It may not be polished, it may not even have a plot, but the small, independent feature Old Goats about three retirees drinking the last of their summer wine from first time director Taylor Guterson has charm to spare.
Three non-actors were enticed by director Guterson to play a variation of themselves. They even use their full, real names. Guterson captures their scenes in a way that makes us feel as though we’re eavesdropping on a private conversation, and it works. The finished product has the look and feel of a documentary to the point where for the first few minutes I actually thought it was a documentary.
The three men in question are Britt, Bob and Dave. Britt has lived on a small boat for thirty years, even though he states he can’t swim. Bob, the oldest but seemingly the most active, has written a book about his life which more than anything else appears to discuss the fifty or sixty women with whom he’s slept. “I’m not proud of that,” he says, but you get the impression he really is. And finally there’s Dave, the youngest of the old goats who has only recently retired. “I was eased out with a very encouraging check,” he states.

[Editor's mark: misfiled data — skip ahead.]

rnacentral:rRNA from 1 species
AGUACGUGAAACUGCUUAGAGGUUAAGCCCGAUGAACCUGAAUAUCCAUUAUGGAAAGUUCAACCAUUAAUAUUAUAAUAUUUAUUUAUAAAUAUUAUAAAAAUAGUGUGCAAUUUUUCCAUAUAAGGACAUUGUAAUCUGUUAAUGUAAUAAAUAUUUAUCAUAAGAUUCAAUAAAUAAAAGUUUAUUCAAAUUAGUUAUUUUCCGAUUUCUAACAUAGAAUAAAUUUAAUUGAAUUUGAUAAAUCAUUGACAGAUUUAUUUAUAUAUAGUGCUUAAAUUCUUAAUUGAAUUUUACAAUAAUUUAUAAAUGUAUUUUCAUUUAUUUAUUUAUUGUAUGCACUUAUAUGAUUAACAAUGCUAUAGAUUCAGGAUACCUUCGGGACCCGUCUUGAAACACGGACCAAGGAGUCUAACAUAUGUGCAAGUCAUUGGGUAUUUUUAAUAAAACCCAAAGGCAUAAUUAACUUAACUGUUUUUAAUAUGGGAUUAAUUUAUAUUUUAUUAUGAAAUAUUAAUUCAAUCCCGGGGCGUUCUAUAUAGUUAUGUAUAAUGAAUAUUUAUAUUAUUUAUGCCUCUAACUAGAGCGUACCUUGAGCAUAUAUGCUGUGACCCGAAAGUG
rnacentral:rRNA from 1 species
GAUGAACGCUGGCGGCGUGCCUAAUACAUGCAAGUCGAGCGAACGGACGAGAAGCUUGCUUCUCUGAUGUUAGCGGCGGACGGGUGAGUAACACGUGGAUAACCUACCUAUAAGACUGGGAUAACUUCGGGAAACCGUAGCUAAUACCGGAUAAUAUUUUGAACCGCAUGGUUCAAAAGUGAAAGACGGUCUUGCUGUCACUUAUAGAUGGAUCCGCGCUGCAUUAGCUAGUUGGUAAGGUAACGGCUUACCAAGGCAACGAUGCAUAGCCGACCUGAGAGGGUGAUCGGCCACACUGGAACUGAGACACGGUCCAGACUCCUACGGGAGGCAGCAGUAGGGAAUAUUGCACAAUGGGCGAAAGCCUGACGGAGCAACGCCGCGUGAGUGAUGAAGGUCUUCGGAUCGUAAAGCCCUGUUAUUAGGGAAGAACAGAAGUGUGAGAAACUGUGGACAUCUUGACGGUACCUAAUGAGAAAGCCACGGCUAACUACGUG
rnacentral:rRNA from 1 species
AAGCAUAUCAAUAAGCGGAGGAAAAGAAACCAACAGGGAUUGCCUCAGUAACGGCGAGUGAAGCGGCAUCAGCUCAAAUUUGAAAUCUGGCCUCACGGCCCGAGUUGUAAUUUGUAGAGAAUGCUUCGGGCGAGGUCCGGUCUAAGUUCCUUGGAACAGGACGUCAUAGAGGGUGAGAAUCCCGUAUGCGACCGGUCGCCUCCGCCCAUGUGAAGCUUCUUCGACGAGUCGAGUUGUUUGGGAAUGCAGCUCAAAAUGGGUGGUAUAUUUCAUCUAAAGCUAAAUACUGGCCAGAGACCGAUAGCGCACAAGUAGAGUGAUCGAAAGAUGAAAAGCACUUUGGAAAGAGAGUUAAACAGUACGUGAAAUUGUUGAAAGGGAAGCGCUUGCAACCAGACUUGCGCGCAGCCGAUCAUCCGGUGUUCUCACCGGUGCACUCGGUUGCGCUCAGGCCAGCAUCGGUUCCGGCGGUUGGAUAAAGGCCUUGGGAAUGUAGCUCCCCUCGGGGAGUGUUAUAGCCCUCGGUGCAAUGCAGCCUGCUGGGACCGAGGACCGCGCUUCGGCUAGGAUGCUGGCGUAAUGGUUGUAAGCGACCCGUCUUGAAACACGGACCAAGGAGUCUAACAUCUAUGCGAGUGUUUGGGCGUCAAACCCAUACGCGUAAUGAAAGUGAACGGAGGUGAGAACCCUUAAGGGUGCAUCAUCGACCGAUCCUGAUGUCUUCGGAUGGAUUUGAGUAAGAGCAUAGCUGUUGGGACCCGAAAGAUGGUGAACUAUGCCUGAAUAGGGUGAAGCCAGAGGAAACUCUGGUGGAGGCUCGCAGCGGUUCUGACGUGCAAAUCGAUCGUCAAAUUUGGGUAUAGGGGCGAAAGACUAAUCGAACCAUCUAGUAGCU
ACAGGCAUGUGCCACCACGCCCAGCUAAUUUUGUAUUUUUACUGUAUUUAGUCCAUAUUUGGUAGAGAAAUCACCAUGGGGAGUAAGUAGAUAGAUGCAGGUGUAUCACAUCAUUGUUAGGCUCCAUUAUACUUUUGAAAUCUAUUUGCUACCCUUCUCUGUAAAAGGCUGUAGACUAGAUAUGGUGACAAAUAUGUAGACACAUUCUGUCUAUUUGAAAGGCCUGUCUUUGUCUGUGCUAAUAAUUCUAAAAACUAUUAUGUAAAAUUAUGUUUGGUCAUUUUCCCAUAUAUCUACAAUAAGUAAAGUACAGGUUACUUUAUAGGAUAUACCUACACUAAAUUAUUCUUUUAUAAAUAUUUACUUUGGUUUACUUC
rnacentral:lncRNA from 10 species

Britt feels he needs to date so he turns to his cohorts for help and advice. When computer savvy Dave tries to assist Britt in signing up for a dating service he finds he has to give his buddy not only help on how to choose the right dating service but also a crash course on what the Internet is. “Is it in the computer?” Britt asks. “The Internet is out there,” Dave tells him. “Like God?” “Well,” shrugs Dave, “More like TV or radio.”
I had the opportunity of talking to the film’s director who told me how surprised he was that audiences at film festivals around the country have found Old Goats so funny. Admittedly, the conversations between all characters are gentle and delivered in a low-key, straight-laced manner, but it’s this very style that makes the three old geezers truly delightful to watch as they stumble around, day to day, attempting to make their twilight years as meaningful as their earlier ones. They’re company was most welcomed, and so is this small but hugely likable film. Look for it when it comes to your area.
MPAA rating: Unrated Length: 101 minutes Overall Rating: 7 (out of 10)
To watch the Old Goats trailer, click below.